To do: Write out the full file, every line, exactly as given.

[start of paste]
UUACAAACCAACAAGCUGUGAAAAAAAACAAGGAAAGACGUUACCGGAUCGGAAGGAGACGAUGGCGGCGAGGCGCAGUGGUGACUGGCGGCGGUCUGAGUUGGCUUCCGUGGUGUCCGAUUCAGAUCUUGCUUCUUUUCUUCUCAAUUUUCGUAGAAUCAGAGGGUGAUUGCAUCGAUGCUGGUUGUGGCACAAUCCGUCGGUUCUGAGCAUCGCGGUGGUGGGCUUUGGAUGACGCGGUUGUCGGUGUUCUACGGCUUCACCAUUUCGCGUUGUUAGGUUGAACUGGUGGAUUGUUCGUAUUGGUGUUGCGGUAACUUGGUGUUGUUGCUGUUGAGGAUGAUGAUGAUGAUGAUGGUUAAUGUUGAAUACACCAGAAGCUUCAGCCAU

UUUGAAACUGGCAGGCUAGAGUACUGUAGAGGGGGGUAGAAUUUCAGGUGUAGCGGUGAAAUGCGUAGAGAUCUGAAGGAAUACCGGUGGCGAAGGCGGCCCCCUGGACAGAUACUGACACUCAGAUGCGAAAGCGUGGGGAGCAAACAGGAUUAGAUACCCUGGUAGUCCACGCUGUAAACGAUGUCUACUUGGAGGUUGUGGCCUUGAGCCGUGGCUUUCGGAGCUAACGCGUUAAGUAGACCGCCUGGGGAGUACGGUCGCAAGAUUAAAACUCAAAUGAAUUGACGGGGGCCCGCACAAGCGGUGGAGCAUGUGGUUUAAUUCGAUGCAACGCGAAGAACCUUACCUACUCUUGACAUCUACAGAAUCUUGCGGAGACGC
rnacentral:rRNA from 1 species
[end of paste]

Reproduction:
UUACAAACCAACAAGCUGUGAAAAAAAACAAGGAAAGACGUUACCGGAUCGGAAGGAGACGAUGGCGGCGAGGCGCAGUGGUGACUGGCGGCGGUCUGAGUUGGCUUCCGUGGUGUCCGAUUCAGAUCUUGCUUCUUUUCUUCUCAAUUUUCGUAGAAUCAGAGGGUGAUUGCAUCGAUGCUGGUUGUGGCACAAUCCGUCGGUUCUGAGCAUCGCGGUGGUGGGCUUUGGAUGACGCGGUUGUCGGUGUUCUACGGCUUCACCAUUUCGCGUUGUUAGGUUGAACUGGUGGAUUGUUCGUAUUGGUGUUGCGGUAACUUGGUGUUGUUGCUGUUGAGGAUGAUGAUGAUGAUGAUGGUUAAUGUUGAAUACACCAGAAGCUUCAGCCAU

UUUGAAACUGGCAGGCUAGAGUACUGUAGAGGGGGGUAGAAUUUCAGGUGUAGCGGUGAAAUGCGUAGAGAUCUGAAGGAAUACCGGUGGCGAAGGCGGCCCCCUGGACAGAUACUGACACUCAGAUGCGAAAGCGUGGGGAGCAAACAGGAUUAGAUACCCUGGUAGUCCACGCUGUAAACGAUGUCUACUUGGAGGUUGUGGCCUUGAGCCGUGGCUUUCGGAGCUAACGCGUUAAGUAGACCGCCUGGGGAGUACGGUCGCAAGAUUAAAACUCAAAUGAAUUGACGGGGGCCCGCACAAGCGGUGGAGCAUGUGGUUUAAUUCGAUGCAACGCGAAGAACCUUACCUACUCUUGACAUCUACAGAAUCUUGCGGAGACGC
rnacentral:rRNA from 1 species